Provision of ICT Resources to Teacher Centres

As part of a strategy to build functional Teacher Centres, the DBE has  partnered with the private sector and other institutions such as Vodacom, Cisco, Mindset Network and UNISA to provide ICT resources to all Teacher Centres; and

Vodacom has provided Information and Communications Technology to 60 Teacher Centres by February 2015. It is envisaged that a further 20 Centres will be fully ICT enabled and compliant by August 2017 and the rest by 2017. In addition, Vodacom established a Digital Classroom Portal to service all Teachers and Teacher Centre Managers; they are conducting 54 Webinars for Maths and Science Grade 10 to 12 Teachers;

CISCO has committed to installing their CEEDBox Solution to all Teacher Centres by March 2017. This technology allows for bi-directional distance learning. It also includes access to CISCO IT Academy Training and the International Computer Drivers Licence course.

Mindset Network has committed to installing their satellite solution in 82 Teacher Centres.

UNISA has committed to install; 30 Laptops; Desks; Furniture; Video Conference Facilities, Unlimited Wi-Fi; Microwave Connectivity; and Call Centres in 35 Teacher Centres.

This is further proof that education has indeed become a societal issue. The worst kept secret is that the Department of Basic Education cannot work in vacuum. We work with and depend on the goodwill of thousands of our people.


Let me now talk directly to the learners; these new facilities are yours. They represent your ticket to a better future. There are a few non-negotiables that I want to outline; firstly embrace the culture of reading and respect and honour books. Secondly, do not mess with the Laboratory equipment. Never, never steal books from your Library or play with scientific instruments.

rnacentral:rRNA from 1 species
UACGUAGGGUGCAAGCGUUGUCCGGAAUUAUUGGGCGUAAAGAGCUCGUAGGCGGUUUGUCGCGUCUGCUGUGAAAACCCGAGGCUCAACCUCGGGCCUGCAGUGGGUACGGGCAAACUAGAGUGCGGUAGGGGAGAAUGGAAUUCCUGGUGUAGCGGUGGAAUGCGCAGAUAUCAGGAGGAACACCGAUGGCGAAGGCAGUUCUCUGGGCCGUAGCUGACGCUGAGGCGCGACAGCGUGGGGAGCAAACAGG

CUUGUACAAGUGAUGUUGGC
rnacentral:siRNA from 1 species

In short, I am calling for a shift in the mindset of our learners. So let’s celebrate the change that you see in front of you today in the form of these new state-of-the-art Laboratories.  Our celebration must be within the context of what this promises for the future of our children and the prosperity of our country in general.

In conclusion, I can assure our partners today and the rest of the community that we are doing everything in our power to improve teacher content, learner participation and success rate in the area of MST. I am pleased that this school alone offers MST related subjects to a whopping 815 learners. Furthermore some 2000 learners and 20 educators from five surrounding feeder primary schools will benefit from the new facilities. The same helping hand will be extended to some 300 learners and five educators from the neighbouring secondary school. We are truly Taking South Africa Forward.

I thank you.

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Speech delivered by the Deputy Minister of Basic Education Honourable Mr. Enver Surty at the Launch of the Life Science and Physical Science Laboratories held at Boithaopo High School, 30 March 2015


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Date Posted: 4/7/2015